The permutations and combinations of title fraud are very diverse. Imposters may fraudulently transfer title into someone else’s name and sell the property. They may borrow money and place a mortgage on it. In more sophisticated situations they may legitimately purchase a first mortgage and then sell it under power of sale without notifying other mortgagees or encumbrancers. Or even worse, they may take advantage of vulnerable lawyers and have documents fabricated to perpetrate large scale fraud. For a real story that reads like a fictional novel, please see the following link:

Our firm has considerable experience in dealing with all types of title fraud and related matters. Should you ever have the misfortune of encountering one of them, please feel free to contact us.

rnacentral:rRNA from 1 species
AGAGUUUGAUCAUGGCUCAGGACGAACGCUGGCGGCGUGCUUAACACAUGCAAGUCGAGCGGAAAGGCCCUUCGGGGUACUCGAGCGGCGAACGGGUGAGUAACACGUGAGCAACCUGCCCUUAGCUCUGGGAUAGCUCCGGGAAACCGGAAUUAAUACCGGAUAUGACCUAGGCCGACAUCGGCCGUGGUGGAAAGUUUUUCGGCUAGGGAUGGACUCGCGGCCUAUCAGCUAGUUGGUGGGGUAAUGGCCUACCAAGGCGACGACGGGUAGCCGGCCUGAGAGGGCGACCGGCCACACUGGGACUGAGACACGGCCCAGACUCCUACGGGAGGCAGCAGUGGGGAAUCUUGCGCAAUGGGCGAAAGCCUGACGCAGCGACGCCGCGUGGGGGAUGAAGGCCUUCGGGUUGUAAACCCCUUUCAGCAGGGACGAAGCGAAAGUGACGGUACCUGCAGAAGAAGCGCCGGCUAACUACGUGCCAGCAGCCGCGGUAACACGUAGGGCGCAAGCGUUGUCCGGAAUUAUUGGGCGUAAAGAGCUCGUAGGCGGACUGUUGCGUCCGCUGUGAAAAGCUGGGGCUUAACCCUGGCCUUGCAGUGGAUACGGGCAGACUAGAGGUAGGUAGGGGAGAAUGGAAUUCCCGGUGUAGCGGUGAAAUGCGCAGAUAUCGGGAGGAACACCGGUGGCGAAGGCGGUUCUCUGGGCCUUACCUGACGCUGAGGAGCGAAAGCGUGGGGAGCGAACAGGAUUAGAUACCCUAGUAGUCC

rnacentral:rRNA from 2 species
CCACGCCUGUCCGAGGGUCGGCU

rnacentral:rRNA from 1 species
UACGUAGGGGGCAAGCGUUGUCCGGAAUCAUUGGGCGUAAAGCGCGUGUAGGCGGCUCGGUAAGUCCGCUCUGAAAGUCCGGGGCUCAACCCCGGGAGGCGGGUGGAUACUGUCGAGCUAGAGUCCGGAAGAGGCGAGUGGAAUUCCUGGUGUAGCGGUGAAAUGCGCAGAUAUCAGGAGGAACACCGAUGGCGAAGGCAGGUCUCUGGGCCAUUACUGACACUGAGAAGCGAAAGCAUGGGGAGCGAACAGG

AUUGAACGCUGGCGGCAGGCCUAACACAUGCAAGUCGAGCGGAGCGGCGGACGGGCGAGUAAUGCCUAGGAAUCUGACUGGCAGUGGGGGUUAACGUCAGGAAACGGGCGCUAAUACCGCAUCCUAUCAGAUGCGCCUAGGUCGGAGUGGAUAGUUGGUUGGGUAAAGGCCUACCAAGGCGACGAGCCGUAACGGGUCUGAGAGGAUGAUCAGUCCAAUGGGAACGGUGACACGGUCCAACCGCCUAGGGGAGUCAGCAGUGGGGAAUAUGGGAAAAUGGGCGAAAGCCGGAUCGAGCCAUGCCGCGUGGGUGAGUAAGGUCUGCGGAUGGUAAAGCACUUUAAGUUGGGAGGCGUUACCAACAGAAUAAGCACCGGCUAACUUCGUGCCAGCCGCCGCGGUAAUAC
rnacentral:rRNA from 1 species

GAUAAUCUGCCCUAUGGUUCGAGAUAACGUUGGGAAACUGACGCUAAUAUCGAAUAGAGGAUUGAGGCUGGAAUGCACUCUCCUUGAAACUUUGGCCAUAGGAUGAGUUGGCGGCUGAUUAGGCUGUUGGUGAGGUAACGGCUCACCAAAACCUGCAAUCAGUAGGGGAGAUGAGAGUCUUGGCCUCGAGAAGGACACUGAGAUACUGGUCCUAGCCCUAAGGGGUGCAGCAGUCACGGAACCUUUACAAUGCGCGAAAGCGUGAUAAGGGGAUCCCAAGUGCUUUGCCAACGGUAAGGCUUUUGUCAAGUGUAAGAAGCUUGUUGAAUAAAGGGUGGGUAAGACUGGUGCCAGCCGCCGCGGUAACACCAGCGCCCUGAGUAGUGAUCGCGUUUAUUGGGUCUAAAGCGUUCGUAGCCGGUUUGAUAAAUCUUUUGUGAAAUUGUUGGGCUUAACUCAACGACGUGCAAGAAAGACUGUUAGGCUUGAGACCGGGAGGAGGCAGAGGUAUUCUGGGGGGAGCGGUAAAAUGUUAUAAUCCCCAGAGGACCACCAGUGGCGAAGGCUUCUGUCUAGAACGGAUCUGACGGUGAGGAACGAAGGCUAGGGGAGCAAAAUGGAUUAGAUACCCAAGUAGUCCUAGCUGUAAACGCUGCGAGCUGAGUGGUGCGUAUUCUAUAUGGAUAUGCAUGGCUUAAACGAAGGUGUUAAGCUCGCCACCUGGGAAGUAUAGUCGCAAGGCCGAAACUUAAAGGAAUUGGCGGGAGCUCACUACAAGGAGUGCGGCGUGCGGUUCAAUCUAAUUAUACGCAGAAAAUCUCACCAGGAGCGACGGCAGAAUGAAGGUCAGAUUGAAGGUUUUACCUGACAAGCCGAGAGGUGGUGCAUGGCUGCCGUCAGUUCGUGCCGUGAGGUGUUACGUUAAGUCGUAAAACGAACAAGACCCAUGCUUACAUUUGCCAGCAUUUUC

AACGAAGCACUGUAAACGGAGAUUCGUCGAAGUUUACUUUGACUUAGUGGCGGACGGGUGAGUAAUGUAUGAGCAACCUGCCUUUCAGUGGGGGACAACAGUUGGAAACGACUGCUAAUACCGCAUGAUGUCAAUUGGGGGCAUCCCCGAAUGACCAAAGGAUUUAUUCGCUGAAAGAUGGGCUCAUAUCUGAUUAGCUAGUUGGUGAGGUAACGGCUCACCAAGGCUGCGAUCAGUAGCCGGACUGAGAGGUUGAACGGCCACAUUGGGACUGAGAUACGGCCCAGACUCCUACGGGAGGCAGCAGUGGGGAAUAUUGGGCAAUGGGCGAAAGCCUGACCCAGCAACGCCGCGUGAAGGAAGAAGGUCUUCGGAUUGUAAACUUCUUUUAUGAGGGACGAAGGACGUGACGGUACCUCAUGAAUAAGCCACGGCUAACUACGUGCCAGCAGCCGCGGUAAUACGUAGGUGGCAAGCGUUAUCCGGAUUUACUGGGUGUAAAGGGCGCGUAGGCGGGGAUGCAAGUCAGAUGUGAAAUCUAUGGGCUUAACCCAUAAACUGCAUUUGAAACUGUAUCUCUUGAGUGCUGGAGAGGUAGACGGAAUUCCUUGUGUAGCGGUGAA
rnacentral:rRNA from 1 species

For more information on the matter, please contact Phil Polster directly at [email protected] or at 905 763 3770 x 208.

*The material provided in this article is for general information purposes only. It is not intended to provide legal advice or opinions of any kind.

About the Author:

Phil Polster is a civil litigator with more than 30 years of litigation experience.

Phil’s practice includes debt collection and a wide range of general contract and tort litigation. Identifying issues, evaluating options and providing clear advice, he helps clients make informed business decisions. He focuses on minimizing risk and finding timely, practical solutions to business disputes.